Ground view of collapsed building and burned area as a result of an earthquake at Beach and Divisadero, Marina District. Photo courtesy of C.E. Meyer, U.S. Geological Survey.
California buildings are less likely to shake, rattle and roll in an earthquake than previously forecasted, according to global insurance broker Willis Group Holdings, which released a report summarizing recent changes in the scientific view of seismic hazard in the United States.
Based on its analysis, Willis said the shaking experienced by a two-story building decreased by 10 percent in many areas of the West for a 475-year earthquake. Also, the shaking experienced by a 10-story building decreased by approximately 35 percent in most of the West for 475-year and 2,475-year quakes. Oregon and southern Washington were exceptions.
The seismic hazard in the Central and Eastern parts of the country for two-story and 10-story buildings decreased by about 10 percent for 475- and 2,475-year quakes.
Willis said reductions in the hazard predictions for those building types were “mainly due to the introduction of the Next Generation Attenuation (NGA) equations for crustal sources and revised attenuation equations for the Cascadia Subduction zone.”
In its report, Willis provides regional maps illustrating the results of two recent academic research papers: the 2008 National Seismic Hazard Maps and the 2007 Uniform California Earthquake Rupture Forecast (UCERF). It focused on the implication those new studies could have on catastrophe risk managers, including a discussion of how the vendor earthquake catastrophe models may change in the United States as a result.
In addition to the NGA equations, USGS incorporated new methods in its 2008 National Seismic Hazard Maps, the report indicates. It said that according to UCERF, which was released in early 2008, there is a 99.7 percent chance there will be a magnitude 6.7 earthquake in California in the next 30 years, and a 46 percent chance of a magnitude 7.5 earthquake in California in the next 30 years. Furthermore, there is a 37 percent chance of a magnitude 7.5 earthquake in Southern California in the next 30 years, which is more than double the chance in Northern California, which has a 15 percent chance in 30 years.
The southern San Andreas Fault has the highest probability, 59 percent, in California of generating at least one magnitude 6.7 earthquake in the next 30 years. Yet new probabilities for the Elsinore and San Jacinto Faults in Southern California are about half of the previous predictions.
In Northern California, the Hayward-Rodgers Creek Fault has the highest probability of at least one magnitude 6.7 quake in the next 30 years, with a 31 percent chance.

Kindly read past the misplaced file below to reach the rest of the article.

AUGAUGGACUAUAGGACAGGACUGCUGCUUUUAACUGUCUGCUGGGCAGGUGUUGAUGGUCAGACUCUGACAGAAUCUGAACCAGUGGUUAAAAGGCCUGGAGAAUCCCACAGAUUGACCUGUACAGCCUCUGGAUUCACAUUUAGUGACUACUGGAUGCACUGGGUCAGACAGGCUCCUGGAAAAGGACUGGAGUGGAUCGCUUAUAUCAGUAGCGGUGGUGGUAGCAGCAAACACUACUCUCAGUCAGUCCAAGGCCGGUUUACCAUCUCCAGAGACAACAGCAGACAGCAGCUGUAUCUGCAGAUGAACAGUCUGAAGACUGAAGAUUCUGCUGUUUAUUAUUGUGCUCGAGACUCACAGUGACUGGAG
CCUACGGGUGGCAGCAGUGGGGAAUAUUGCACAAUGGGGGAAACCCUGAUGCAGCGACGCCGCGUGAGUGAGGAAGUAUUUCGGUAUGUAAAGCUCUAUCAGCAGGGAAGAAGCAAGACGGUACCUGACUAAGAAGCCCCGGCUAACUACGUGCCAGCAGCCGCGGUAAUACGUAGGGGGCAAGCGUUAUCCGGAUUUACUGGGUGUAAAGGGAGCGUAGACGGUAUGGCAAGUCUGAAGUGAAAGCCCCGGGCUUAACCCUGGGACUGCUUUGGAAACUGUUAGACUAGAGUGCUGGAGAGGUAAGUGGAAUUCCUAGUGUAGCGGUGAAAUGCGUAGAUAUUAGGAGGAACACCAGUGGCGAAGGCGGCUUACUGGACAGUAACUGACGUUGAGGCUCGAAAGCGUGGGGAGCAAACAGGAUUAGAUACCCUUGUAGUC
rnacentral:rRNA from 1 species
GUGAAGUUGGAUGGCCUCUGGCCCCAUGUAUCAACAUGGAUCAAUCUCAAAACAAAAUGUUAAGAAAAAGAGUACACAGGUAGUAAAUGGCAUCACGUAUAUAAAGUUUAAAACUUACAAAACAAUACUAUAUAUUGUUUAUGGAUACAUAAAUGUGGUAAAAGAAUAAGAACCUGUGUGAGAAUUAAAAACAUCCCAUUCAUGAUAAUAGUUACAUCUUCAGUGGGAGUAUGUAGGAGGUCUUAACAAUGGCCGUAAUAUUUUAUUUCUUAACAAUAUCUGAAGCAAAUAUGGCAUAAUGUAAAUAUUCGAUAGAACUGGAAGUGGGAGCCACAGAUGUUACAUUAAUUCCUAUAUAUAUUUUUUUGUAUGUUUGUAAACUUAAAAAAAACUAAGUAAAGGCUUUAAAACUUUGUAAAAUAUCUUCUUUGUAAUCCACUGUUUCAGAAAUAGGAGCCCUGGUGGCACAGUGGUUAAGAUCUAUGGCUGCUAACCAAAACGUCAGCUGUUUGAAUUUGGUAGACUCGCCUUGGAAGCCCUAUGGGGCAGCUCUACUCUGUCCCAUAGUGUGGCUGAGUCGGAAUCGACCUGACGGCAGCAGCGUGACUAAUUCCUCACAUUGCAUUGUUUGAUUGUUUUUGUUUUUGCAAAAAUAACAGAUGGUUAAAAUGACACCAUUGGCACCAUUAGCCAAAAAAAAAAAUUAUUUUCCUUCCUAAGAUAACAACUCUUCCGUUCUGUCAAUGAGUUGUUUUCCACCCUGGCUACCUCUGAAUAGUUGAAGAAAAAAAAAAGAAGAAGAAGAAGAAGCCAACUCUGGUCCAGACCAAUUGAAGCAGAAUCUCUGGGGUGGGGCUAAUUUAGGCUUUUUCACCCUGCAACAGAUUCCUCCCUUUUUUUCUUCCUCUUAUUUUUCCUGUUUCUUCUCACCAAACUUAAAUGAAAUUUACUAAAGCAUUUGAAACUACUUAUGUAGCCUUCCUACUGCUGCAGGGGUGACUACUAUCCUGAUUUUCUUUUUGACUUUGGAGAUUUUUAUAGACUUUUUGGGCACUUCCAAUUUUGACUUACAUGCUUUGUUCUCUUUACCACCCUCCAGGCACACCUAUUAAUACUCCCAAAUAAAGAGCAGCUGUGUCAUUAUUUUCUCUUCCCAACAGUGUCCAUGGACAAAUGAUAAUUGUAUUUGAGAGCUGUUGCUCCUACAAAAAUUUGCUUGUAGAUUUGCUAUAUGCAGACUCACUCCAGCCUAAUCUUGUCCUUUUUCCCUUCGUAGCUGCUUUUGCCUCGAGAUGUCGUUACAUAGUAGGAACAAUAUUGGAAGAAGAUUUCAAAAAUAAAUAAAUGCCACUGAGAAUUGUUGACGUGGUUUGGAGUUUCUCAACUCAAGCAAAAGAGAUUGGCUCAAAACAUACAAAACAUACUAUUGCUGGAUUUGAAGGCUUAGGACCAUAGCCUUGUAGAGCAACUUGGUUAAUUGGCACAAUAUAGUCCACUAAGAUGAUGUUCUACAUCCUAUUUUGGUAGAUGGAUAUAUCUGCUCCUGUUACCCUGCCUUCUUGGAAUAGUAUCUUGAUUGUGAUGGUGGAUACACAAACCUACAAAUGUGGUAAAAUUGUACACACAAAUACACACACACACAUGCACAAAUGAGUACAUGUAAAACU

“Events of this size can be major loss-causing events for the insurance industry, such as the 1989 Loma Pietra quake that had a magnitude of 6.9 and occurred on the northern San Andreas fault, and the 1994 Northridge quake that had a 6.7 magnitude.
The report further states:
- “Time-dependent probabilities for a magnitude 6.7 earthquake to occur on the southern San Andreas Fault near Los Angeles are 23 percent higher and on the Hayward-Rodgers Creek near Oakland are 34 percent higher than the time-independent probabilities.
- The time-dependent probability for a magnitude 6.7 or greater earthquake to occur on the northern San Andreas Fault near San Francisco is about 13 percent lower than the time-independent view.”
In the Pacific Northwest, which lies on the Cascadia Subduction Zone, the report states:
- “The tail risk in the Pacific Northwest region may change considerably.
- The shaking experienced by low, mid-rise and high-rise buildings around Salem, Ore., may increase at all return periods.
- The modifications made by the USGS may cause moderate reductions of 15 percent or more in key return-period losses for high-rise buildings in the Seattle metropolitan area.”
Willis predicted that U.S. earthquake catastrophe models will be recalibrated and therefore the seismic hazard changes presented in the report may be offset or amplified by changes to other modeling components.
“This report lays the ground work for understanding the new scientific view of earthquake risk in the U.S.,” said Julie Serakos, executive vice president of Willis Catastrophe Management Services. The report “serves as the starting point for assisting insurers with making appropriate decisions to manage their earthquake risk going forward.”
The report was added to the curriculum of the Associate in Reinsurance designation program, offered by both the American Institute for Chartered Property Casualty Underwriters and the Insurance Institute of America.
“Risk managers and insurance executives are confronted by an array of obstacles when understanding the current scientific view of seismic hazard,” said Kyle Beatty, vice president of Willis Catastrophe Management Services. “We expect this report, and others to follow, will help them formulate a more comprehensive picture of the key issues at hand.”
To read the full report, visit www.willisresearchnetwork.com.